Your points are quite well taken. One of the concepts for which I gained a better understanding during the six-story building seismic testing in 2012 was the real value of flexible couplings in certain locations to protect the sprinkler system from damage during an earthquake. The goal for that protection along with the bracing and restraint is to have the sprinkler system still be functional after an earthquake. Some of the video from that testing also reinforced the requirement in mandating that bracing shall not be attached to sections with differential movement. It was very surprising to see how much oppositional movement between adjacent structural members took place during the testing. Some of the videos are available on Youtube. An introductory look is here <>. The overall report video is here <>. Proud to say that I was a small (on the sub-atomic level) of this project.
*Ken Wagoner, SET
*Parsley Consulting***
*350 West 9th Avenue, Suite 206
*Escondido, California 92025
*****Phone 760-745-6181*
Visit our website <> ***

On Sep 21, 2016 7:30 PM, "Bruce Verhei" < <>> wrote:

    I don't have 13 in front of me. But personal experience is that
    pipe that is attached to roof, and then down to columns, racks, or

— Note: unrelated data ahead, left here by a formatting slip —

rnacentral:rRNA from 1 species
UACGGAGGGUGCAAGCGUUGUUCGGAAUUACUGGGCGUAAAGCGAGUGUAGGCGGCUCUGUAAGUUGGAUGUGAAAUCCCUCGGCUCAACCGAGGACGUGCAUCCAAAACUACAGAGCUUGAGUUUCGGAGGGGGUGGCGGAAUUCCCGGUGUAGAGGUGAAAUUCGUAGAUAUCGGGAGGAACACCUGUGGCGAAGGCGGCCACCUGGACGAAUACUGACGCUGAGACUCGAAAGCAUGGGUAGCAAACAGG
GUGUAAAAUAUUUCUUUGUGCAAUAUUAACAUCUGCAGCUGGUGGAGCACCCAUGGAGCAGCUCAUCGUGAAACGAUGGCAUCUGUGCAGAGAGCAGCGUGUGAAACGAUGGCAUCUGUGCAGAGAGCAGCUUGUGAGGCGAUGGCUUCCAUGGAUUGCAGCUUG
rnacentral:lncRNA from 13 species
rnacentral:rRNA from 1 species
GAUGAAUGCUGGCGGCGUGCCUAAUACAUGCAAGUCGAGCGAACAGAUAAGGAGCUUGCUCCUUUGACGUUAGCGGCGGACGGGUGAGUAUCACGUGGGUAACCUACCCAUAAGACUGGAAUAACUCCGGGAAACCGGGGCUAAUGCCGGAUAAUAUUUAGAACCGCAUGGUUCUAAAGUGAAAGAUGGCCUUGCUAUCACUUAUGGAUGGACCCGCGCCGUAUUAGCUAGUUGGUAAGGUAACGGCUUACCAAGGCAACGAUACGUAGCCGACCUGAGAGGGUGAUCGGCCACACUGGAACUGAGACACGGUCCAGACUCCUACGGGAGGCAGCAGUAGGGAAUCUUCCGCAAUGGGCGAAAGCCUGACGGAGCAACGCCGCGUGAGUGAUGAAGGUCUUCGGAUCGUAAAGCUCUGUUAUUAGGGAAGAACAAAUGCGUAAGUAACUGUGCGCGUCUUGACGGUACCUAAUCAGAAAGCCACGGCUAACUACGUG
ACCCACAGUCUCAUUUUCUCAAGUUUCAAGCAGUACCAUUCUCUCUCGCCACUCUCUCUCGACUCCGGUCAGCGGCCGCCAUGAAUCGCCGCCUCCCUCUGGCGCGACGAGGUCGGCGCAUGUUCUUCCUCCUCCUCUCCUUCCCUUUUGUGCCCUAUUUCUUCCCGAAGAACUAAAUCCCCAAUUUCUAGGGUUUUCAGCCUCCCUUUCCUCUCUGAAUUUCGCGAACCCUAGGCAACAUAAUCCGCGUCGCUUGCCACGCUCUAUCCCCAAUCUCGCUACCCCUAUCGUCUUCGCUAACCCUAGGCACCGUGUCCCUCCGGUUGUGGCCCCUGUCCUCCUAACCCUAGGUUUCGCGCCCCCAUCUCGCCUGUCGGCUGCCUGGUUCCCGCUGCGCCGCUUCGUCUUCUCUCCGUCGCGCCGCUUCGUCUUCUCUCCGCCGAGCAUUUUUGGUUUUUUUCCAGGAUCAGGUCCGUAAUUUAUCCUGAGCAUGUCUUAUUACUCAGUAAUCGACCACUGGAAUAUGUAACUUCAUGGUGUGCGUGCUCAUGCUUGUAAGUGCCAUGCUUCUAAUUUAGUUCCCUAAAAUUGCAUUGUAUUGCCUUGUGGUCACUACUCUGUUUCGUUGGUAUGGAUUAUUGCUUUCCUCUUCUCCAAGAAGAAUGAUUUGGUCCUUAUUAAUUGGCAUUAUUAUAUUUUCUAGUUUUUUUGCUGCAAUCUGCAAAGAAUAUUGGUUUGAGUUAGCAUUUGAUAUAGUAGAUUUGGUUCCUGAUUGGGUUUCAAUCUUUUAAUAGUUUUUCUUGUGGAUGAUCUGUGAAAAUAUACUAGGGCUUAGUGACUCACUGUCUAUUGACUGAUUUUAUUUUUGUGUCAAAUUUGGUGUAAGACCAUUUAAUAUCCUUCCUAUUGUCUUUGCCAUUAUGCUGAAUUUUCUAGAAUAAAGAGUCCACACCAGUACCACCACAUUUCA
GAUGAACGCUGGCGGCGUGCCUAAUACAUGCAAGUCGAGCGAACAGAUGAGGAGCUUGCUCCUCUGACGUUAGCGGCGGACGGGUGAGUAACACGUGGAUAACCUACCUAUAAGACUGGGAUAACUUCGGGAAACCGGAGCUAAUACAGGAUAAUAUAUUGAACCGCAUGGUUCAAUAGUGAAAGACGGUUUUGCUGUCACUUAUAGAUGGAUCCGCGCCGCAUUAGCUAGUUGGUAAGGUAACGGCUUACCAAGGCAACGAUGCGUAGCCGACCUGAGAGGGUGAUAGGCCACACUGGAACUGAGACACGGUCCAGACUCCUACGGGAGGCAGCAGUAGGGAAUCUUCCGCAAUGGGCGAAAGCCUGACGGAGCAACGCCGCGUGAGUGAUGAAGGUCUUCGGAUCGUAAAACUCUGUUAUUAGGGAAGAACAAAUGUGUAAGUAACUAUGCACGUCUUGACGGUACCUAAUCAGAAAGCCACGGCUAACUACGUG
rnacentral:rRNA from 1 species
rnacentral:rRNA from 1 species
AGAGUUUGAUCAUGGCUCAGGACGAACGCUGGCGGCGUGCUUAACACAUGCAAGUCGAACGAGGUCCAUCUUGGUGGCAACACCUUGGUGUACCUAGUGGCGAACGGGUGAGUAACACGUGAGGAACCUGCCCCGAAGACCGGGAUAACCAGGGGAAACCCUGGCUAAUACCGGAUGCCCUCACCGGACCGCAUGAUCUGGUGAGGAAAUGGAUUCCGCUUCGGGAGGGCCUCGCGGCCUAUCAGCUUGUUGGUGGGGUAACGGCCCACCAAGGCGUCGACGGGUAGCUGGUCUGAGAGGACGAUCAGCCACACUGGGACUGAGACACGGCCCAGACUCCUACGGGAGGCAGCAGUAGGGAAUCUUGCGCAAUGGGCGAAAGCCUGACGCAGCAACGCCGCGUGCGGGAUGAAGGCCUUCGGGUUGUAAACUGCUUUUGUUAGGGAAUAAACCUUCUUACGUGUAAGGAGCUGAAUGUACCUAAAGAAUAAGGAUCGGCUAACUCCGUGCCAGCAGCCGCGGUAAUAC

(tilt-up) walls is subject to breaking when the ground moves. This
    seemed worse when attachment to one surface is rigid, i.e.
    Unistrut-type channel and clip. Walls and racks seemed worse than

    I was quite shocked at how effective flex couplings were at
    reducing failures.

    Many breaks I saw were in auxiliary drain and inspector's test
    drops. 1". While causing property damage flow would not have
    caused system to fail to control fire. Would larger hose stream
    supply pipes failures cause inadequate flow to remain in system?

    Hmm. I don't know that 13 identifies a goal. Sufficient
    post-earthquake integrity to control fire? Or very few failures
    causing property damage?

    See wikipedia, Nisqually earthquake. Silty, with some layers of
    muck, soils of the Kent valley.


    Bruce Verhei

    Sent from my iPhone

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